Watch What You Tell Real Estate Clients

Renae Virata | January 13, 2017 | Best Practices

fair housing actAre you familiar with the Fair Housing Act? If you’re a real estate agent, chances are, you know it well – even if you don’t make great strides to follow it.

To refresh your memory: the Fair Housing Act is a federal law, enacted in 1968, that protects against discrimination based on seven specific classes:

  • Race
  • Color
  • Religion
  • National Origin
  • Sex
  • Handicap
  • Familial Status

In our last post, we touched on these classes as well as additional protected classes by state. Check it out to learn more about what is relevant to your state.

So, why should you, as a real estate agent, care about these laws?

As a real estate agent, you may get bombarded by questions from clients asking for specific listings based on certain criteria. Unfortunately, you can’t disclose anything that could in any way represent any of the protected classes. What you tell real estate clients could get you in trouble.

Yeah, we know. Then how can you truly be helpful to your real estate clients?

For example, if a home buying client asks about crime in a neighborhood, it could be interpreted as alluding to a particular class. (Against the law.) If a client wants to live near a church, then you might be aiding in discrimination based on religion. (Also against the law.) Catering to a selling client’s request can even be unlawful if they specifically reject or request showings for only certain people, whether its age, race or familial status (i.e. no kids).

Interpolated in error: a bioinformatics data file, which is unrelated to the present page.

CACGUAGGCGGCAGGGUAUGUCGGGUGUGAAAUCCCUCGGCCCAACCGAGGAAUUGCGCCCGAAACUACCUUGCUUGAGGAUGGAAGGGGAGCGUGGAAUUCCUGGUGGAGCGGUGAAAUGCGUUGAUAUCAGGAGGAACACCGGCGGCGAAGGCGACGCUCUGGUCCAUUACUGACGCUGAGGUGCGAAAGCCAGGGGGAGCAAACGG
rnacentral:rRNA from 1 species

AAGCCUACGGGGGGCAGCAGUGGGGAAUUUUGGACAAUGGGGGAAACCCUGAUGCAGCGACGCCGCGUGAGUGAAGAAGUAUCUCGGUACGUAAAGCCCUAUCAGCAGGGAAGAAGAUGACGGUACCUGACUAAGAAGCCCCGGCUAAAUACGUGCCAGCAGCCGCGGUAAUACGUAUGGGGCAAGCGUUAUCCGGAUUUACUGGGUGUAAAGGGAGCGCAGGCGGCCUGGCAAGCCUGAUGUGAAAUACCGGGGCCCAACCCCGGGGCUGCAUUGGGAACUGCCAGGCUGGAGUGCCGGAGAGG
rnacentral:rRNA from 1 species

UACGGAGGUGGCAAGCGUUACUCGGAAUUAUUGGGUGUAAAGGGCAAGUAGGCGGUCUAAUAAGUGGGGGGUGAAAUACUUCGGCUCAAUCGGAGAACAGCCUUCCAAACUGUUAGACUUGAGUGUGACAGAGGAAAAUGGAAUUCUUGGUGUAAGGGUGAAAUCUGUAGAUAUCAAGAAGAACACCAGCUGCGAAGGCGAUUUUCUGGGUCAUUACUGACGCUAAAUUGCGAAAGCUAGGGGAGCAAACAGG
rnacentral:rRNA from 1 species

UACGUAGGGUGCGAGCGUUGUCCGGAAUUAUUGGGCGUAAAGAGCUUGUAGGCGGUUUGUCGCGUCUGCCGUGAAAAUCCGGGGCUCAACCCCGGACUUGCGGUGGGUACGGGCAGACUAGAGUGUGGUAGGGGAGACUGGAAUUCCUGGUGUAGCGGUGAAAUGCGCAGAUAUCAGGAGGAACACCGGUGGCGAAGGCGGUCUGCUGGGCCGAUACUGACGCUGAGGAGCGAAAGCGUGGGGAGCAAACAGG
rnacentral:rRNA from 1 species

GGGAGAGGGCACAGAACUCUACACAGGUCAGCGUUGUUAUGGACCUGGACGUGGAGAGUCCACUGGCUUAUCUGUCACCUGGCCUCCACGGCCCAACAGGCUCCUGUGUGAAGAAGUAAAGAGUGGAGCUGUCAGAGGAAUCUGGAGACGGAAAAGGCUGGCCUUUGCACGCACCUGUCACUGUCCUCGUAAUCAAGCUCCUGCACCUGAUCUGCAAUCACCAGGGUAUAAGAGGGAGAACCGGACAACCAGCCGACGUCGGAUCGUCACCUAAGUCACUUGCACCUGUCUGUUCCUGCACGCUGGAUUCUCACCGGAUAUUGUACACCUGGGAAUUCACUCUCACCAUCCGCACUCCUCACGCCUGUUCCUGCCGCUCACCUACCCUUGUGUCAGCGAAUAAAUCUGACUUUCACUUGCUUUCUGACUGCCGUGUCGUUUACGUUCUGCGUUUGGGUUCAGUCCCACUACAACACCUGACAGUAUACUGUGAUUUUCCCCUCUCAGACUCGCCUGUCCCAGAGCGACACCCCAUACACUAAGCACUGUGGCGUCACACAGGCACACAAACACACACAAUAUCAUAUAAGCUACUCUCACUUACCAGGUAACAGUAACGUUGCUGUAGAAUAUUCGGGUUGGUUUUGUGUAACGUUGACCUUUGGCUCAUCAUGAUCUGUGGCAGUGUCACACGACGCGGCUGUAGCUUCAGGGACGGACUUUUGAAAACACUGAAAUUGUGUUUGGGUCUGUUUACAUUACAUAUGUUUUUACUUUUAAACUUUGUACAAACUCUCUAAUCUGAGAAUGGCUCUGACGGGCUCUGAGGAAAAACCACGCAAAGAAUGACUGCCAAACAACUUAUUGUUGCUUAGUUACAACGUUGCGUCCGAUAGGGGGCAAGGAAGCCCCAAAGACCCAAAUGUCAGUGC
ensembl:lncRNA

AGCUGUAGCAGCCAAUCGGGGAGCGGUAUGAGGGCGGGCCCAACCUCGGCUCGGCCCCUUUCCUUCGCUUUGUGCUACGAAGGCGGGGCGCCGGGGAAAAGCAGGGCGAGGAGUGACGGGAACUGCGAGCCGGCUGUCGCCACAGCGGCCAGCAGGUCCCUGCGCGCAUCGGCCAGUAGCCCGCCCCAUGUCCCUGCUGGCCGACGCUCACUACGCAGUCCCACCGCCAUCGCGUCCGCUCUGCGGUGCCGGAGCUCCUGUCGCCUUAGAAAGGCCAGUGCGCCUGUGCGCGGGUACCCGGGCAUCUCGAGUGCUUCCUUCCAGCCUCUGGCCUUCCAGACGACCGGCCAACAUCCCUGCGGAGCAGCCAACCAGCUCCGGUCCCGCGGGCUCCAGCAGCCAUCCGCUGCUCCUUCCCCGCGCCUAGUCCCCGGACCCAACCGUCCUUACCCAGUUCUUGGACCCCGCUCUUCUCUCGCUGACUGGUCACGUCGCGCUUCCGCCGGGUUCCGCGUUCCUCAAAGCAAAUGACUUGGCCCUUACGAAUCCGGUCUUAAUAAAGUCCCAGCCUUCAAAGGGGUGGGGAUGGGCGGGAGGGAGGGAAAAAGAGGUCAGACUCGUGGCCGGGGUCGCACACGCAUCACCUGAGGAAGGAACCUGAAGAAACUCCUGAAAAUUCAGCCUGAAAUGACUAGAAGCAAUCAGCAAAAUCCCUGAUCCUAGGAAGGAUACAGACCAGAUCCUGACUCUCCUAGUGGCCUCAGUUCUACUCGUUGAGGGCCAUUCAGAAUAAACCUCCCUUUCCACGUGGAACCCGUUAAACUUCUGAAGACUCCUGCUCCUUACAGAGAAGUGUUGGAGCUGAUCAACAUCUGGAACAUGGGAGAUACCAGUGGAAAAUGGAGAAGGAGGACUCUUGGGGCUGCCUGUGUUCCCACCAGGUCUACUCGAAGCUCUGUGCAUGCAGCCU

So, how can you do your best to abide by the law?

Learn how to get seller leads with our home valuation landing pages

You could be breaking the law and don’t even know it. How daunting is that? It may seem like a big challenge, but it is possible with some best practices.

When a client asks for to see homes for any particular reason, it’s always safe to ask them to point out to you what specific zip codes or neighborhoods they want to see. Basically, put the onus on them to do the research. Real estate information today abounds online that anyone can identify a place they’d like to live more specifically.

And if your client just has to know about a neighborhood that you feel will put you in a legal bind, then politely inform them that you cannot divulge that information and point them in the right direction to figure it out for themselves.

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Renae Virata